Sunday, July 13, 2014

Head to the Mountains for a quick break!


The heat settled in, the dogs sprawled in the shade, the pool felt like bath water and both the boss and I started thinking we needed a little "getaway".  "Bozeman!", I said. "Great," she said, "let's do it!"  Off we went to the airport and found out we couldn't get there from here- sold out. How about Billings? Sold out. Humm. Let's go to Phoenix!  No problem there, I thought, who in the world wants to go to The Valley of the Sun in July? Wait a minute, said the Boss, how about Denver? We can hit the mountains! Let's go!  Checked the bags. Held up in security and missed the flight!!!  Arghhh! The next three flights were full, but our bags made it to Denver without us. Finally, about 4pm, we joined them and we were on the way to the mountains!

We found a great trout stream. I could see the fish!


Rocky Mountain National Park. I never even knew there was one. 

Look at this big boy feeding right along the side of the road. 

This baby, bull Moose is growing by leaps and bounds. 



Winter Park and a Wine Festival-  a serendipitous coincidence! 




Here's a young bull Moose grazing by the road. 

Cow Elk and a calf. 




We ended up driving north from Steamboat Springs to Laramie, WY. We intercepted the old Overland Trail and followed it to Ft. Collins. The next day, we headed back to the farm. 

A three day siesta that really refreshed in a part of the country I'd never seen. Beautiful country, beautiful animals, streams and fishing. It doesn't take two weeks to recharge!  Grab the spousal unit and go!

Wednesday, June 25, 2014

Some of my favorite bird dog pictures from back in the day.


New England, ND  (read the fine print)
"Gotcha!" Cap on Chukar ID

Cap on Chukar covey in the rocks


Ace and Hungarian Partridge Idaho

Ace hit a covey of Blue Quail hard in TX

Me and the guys in ND


Momma and her favorite, Cap, in ND

Bo, 2001 QU National Champion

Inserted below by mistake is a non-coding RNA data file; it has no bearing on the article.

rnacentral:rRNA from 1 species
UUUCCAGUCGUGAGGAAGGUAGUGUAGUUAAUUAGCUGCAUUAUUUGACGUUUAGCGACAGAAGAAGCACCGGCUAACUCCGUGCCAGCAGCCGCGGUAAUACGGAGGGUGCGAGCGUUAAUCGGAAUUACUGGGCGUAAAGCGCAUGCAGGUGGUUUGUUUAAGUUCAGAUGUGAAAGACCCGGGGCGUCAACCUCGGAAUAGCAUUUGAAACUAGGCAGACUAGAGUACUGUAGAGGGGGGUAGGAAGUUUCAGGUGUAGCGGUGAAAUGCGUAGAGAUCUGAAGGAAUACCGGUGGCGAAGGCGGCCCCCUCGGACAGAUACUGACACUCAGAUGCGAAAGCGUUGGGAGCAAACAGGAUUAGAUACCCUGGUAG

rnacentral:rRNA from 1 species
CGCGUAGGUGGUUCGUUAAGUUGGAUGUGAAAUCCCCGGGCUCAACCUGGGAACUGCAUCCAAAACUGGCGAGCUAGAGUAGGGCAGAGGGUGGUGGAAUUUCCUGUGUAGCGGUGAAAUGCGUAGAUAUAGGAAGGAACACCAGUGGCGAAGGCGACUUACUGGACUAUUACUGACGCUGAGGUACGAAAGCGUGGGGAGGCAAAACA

Ace and Pheasant ND

Ace and limit ND

Cap and Gambles AZ

Cap and his first Sharptail Grouse MT

NSTRA CH Randy's Rednecked Ruby

Cap and Sharptail MT
Worn out pup Chukar hunting ID
Ruby and Valley Quail ID
ND- the end of the bird hunting rainbow! 

Momma's first Bobwhite on the rise! GA





Monday, June 16, 2014

Field Trialing in the Heartland or Why would I drive 1000 miles to roast in the heat?

Flyboy's Ruby Deux
When bird season is shutdown everywhere, with no hope of a covey rise, and training quail are gone, the dogs begin to mope in the pen. I like to road them everyday with the ATV and work the puppies on obedience and take long walks around the pastures simulating hunting casts. But, also, I like to continue, with my main dogs, to compete in NSTRA (National Shoot to Retrieve Association Field Trials).  This time of year, the major national trial remaining is the UKC Performance Trial in Waverly, Nebraska.  128 top dogs from all over the country gather to compete for championship points.  Generally, prior to a major trial like this one, the local club will run a "pre-trial", which is a normal NSTRA trial for the competitors.  It will enable the non-local dogs a time to acclimate to the terrain, weather, scenting conditions, etc.  In this case, the pre-trials started on Saturday prior and ran until Tuesday.  The main Trial started on Wednesday and ran through Saturday.  We arrived on Saturday before the main trial started and I took a picture of the temp gauge in my truck.  96 degrees!  Really? Wow!  I was so glad I put the extra time in to conditioning my dogs.
Hot Day for Field Trials


Field Trialing is for the fit dog and handler.  I say that without reservation.  If the dog is not fit, he can't handle the heat and stress of running flat-out in the heat (or snow, rain, etc.), day after day.  Of course, Fido may do very well a time or two, but, if you are observant, you will see the winners on the podiums as perfect physical specimens. They are worked ahead of time- trained and practiced and roaded/run....a lot.  They can handle the physical stress of travel, changes of routine and scenery and running hard day after day. As for the handler, it helps to be able to move quickly, as well.  I tried hard to keep up with the younger bucks and running is not allowed (the rule is absolutely, strictly enforced), but sometimes age and fitness matter.  It's important to be able to move quickly around the field with the dog working as a team- heat or not.

Cap

Cap 1st and Ruby 3rd in Second Day Elimination

The Final 8 (Cap is 3rd from left.)

In the end, we made a good run.  I, personally, made it farther than ever before in a National Sanctioned NSTRA Trial with a Fifth Place finish with Cap. Ruby finished near 10th (not sure of her final ranking).  I'm  proud of both my dogs and how well they worked against some very tough competition; I would say some of the toughest in the nation. I have two more Brits back in the barn, both 9 months old, and they swear they are ready right now! Pearl is a little, liver colored female and Shack is a big, orange male.  Both are out of Ruby by Ace.  They both have what it takes to find birds for me.  And they both will field trail when the seasons are closed everywhere, and there's no hope for a covey rise.